The government will lay out its legislative agenda for the new parliamentary session this morning in the Queen's Speech which is widely expected to include a new planning bill aimed at ramping up home ownership across the North and the Midlands.
The new reforms are thought to be part of a bid by the Tory party to bolster their position in traditional Labour heartlands following their success in last week's elections by expanding the rates of homeownership across small cities and towns in areas that have historically voted Labour.
According to the Conservatives, successes in the general election and the recent local elections were partly due to the number of people who owned their own home.
It is believed that the new reforms will aim to simplify the planning process, making it more difficult for existing homeowners to block new housing schemes and reducing the NIMBY influence of local residents. Automatic planning approval will be given to homes, hospitals, schools, shops and offices in 'growth areas', with development in 'protected' restricted but not ruled out.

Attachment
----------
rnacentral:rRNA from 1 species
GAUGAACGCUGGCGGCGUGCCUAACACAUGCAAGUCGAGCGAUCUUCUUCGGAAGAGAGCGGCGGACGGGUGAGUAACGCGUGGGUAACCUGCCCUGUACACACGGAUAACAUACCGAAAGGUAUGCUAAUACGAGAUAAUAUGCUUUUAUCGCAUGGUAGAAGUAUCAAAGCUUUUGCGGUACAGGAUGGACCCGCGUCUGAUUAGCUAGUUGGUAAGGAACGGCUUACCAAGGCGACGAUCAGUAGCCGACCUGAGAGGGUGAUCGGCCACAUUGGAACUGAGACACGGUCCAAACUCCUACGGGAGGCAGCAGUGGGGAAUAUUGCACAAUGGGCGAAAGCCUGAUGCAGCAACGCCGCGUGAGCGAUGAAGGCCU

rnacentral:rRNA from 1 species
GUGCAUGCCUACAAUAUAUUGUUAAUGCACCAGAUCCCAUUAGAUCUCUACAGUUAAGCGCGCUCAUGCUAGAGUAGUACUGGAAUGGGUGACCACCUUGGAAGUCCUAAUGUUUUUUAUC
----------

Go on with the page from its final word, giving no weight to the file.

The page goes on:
The Times recently reported that the bill would represent “the biggest shake-up of England’s planning laws”, with proposals “overhauling rules that slow down and obstruct housebuilding and force all councils in England to dedicate land for either development or preservation”. The paper suggested the bill was “aimed at finally delivering on the Conservative Party’s promise to build 300,000 homes a year”.
Additionally, it has also been suggested that the Government is also set to trial a new "first homes scheme" in Bolsover, Derbyshire, giving discounts of at least 30% to first-time buyers in their local area.